To start my horrifying testimony with a rather unoriginal captatio benevolentiae: I've always been a great fan of the Pokémon games. According to my Facebook profile, I would skip school and be a Pokémon trainer if Pokémon existed and I intend to comfort my children on my dying bed by telling them I'd be very likely to return as a Gastly, Duskull or Drifloon. My favourite had always been Pokémon Emerald, and I'm using the past perfect for a reason. Take a seat, help yourself to a non-alcoholic beverage and shiver along with this story I'm lucky to have survived and relate. For now.
Whereas there was no future for Pokémon Diamond after Heatran and Black had faded along with the Seven Sages, I had never intended to give Emerald up nor to let it down. With a nearly full National Dex and countless level 100's to raid the Battle Frontier, it seemed as if the sun would never set on this game. When all Frontier Symbols had been obtained, I could find as much joy in re-obtaining them with a Stantler, a Torkoal and a Dewgong.
But all good things must come to an end: before I knew it, countless syllabuses and bear-tending (as I live in Europe, where caveman rampages and bear escapes are about as rare as basic energy cards in a booster pack) had drawn an unfortunate line between me and my long-cherished Emerald.I still played the game daily, but only for a few minutes, as I was one easter egg away from completion: Mirage Island. So before inhaling the morning dew, I would start my Emerald, talk to the old man in Pacifidlog and reluctantly turn off the gameboy and start my day of eradicating caterpillars (up to twelve time as huge and feral as the American ones). As Mirage Island is determined by the first Pokémon in your party, I always kept my female Combusken in front. Female starters were rumored to give you a significantly better chance of going to Mirage Island. This is most likely a lie, but at least it kept my hopes up.Whether the rumor was true or false, Combusken had decided to spite me with the visibility of the island. And yes, I wrote 'spite'. If my experience had been all smiles and no spites, I wouldn't be writing a Creepypasta about it.
So, one day, I talked to the old man again. I was about to conditionally turn off my game, until I discovered a fairly absurd progressive spelling of 'I can't see Mirage Island today...' . My heart leapt all the way up my throat for a split second, as I knew no methodological system would allow a children's game to contain such arbitrary spelling. Mirage Island was visible alright.I hesitated no more, put my loyal HM slave Linoone in front of my party and set sail to the long-awaited Eden.
The trip went smoothly, a few Tentacools here and there, until I was noticed by a Swimmer I seemed to have forgotten. I saw my first exclamation mark bubble in five years, and the battle began. I hoped he'd have a single level 35 Staryu or something similar, I didn't want to waste my time outside of Mirage Island. To my frustration and surprise, he carried 6 Pokémon with him. Now this is something strange, since most NPC trainers carry 1 to 4 Pokémon with them. Only those gimmick Magikarp trainers in the beginning of some games carry 6, and, to my recollection, some Fishermen on the route on the left of Pacifidlog had 6 as well.
But there was no Magikarp to be found, the Swimmer started with an Unown. An Unown H of level 19. Needless to say, my Linoone knocked it out with one hit. But I was stunned: Swimmers are supposed to use Pokémon that are physically adapted to their environment, and therefore of the Water type to be able to swim with them. Of course, an Unown be able to Levitate alongside the swimming trainer, but the idea ruined my perfectly structured mental picture of stereotypical trainer-casted Pokémon.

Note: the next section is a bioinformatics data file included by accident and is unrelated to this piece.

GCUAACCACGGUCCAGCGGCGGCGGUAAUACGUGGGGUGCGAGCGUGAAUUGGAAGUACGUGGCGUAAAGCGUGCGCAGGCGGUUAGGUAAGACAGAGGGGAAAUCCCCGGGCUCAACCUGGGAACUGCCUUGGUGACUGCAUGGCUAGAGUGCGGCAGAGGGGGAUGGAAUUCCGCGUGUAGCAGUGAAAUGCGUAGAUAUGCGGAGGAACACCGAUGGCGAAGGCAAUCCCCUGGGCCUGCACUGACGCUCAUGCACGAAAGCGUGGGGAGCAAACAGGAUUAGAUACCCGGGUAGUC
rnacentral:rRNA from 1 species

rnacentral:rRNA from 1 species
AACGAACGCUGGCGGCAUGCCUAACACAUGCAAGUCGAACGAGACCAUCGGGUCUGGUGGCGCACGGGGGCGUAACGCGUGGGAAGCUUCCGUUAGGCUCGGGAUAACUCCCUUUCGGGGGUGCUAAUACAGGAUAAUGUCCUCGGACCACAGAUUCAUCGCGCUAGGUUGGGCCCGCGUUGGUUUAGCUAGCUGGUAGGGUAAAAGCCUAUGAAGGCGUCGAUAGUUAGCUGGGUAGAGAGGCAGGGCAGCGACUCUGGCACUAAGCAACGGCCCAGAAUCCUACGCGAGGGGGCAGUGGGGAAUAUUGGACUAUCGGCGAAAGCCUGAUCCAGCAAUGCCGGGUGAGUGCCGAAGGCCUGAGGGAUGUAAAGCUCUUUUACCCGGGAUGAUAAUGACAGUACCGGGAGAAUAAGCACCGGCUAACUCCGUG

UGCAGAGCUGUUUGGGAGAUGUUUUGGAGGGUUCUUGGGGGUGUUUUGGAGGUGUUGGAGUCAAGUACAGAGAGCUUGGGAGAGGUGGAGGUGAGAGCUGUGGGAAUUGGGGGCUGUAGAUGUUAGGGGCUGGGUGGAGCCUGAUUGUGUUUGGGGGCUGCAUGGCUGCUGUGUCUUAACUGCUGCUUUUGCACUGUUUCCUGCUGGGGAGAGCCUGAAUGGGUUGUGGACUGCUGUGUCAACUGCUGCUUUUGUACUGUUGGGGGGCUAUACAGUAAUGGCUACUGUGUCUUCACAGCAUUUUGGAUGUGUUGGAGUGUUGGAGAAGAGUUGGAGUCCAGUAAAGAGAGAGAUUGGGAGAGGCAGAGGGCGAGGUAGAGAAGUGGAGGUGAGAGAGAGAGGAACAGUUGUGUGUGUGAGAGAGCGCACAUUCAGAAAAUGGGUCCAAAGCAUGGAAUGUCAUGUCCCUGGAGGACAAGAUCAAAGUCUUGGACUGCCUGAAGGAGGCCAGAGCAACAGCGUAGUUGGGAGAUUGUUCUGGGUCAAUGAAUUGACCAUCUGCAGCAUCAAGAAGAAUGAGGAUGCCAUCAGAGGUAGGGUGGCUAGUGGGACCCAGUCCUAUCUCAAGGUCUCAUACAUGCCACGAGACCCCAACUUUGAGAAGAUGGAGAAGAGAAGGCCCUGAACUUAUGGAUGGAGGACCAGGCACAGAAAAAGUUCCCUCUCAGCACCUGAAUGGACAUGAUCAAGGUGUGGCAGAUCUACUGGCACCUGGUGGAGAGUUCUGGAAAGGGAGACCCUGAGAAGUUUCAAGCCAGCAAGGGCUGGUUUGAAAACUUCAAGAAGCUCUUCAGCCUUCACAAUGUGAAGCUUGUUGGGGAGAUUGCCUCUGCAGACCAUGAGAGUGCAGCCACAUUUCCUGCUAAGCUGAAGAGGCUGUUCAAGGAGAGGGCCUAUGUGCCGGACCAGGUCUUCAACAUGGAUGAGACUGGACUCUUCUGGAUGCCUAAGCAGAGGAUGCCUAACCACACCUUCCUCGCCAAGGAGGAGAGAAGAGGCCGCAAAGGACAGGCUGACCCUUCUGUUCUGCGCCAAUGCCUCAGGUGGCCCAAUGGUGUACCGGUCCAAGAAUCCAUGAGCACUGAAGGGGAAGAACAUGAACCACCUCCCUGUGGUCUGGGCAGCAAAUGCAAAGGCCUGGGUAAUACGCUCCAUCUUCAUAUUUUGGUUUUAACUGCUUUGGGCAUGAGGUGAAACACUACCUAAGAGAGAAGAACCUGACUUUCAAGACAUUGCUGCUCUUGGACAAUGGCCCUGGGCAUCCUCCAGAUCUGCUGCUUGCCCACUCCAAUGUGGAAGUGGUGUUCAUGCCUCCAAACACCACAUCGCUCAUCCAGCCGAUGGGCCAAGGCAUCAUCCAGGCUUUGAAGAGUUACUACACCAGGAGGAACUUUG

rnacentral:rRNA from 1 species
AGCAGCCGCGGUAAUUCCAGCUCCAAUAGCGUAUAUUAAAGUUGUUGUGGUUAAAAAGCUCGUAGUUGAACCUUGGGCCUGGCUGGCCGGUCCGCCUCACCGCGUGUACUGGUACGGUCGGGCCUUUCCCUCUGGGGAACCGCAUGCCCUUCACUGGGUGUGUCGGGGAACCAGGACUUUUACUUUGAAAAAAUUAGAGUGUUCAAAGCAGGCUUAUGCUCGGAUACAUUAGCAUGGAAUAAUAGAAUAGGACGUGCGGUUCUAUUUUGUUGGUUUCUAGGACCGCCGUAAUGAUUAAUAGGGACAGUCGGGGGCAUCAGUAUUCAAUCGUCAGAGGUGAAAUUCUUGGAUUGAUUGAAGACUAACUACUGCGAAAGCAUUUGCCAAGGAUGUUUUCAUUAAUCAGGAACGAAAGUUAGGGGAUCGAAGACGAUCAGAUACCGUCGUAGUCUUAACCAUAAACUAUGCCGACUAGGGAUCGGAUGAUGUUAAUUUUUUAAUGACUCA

You must know I'm exceedingly paranoid (which is considered a virtue in Europe, for any campfire can be a dragon in disguise here) and suspected a glitch. I feared corrupting my close-to-perfection save file, but I was too intrigued by the unconventional event to switch off my game. Biggest and most likely last mistake of my life.The H preceded five other Unowns: a level 3 E, a level 8 L, a level 9 P, a level 26 M and a level 15 E. It goes without saying that my loyal Linoone made short work of those as well. The Swimmer was defeated, and said nothing out of the ordinary.
While continuing my journey, I encountered wild Unowns too. Now I was convinced: there was definitely something wrong, even though the optimistic ocean music was trying to convince me otherwise. I was too curious to turn back. The wild level 16 S, level 8 E, level 18 A, level 5 L, level 14 E and level 9 D meant no problem at all for Linoone. Shortly after the last battle, I arrived on Mirage Island. Finally, I was able to set foot on the natura naturans I had been longing for so long! I could practically taste the luscious Liechi Berry crushing itself in my Pokémon's mouth. Quite an erotic image. Of course, the Berry was the most important thing on this island. But since I would probably never cast my eyes upon it again, I wandered around for a bit.
And then, all of a sudden, a text box appeared out of the blue: 'This boulder looks like it can be moved. Would you like to use Strength?'. Yet again, I was surprised. But my curiosity was growing faster than a Wailmer that has just reached level 40. I thought 'what the heck', and commanded my slave to move the boulder. I heard the sound of stepping down a staircase. Suddenly, the motivational music stopped. My blood seemed to freeze along with the music, that had turned dead silent. Just like the Cave of Origin. But I had an eerie premonition this place didn't exactly predict origin like a preacher full of ecstasy and fire.
As it was entirely dark, I got my Tropius (another HM slave) to illuminate the creepy area with Flash. It was a little room, with a grey floor and dark edges. A man was facing the wall. I suppressed the coward in me and decided to talk to the man. He didn't turn around to face me, as if he had to finish his business with the wall first. When I spoke to him, a text box with '.............' appeared. All of a sudden, my pulse became twice as intensive.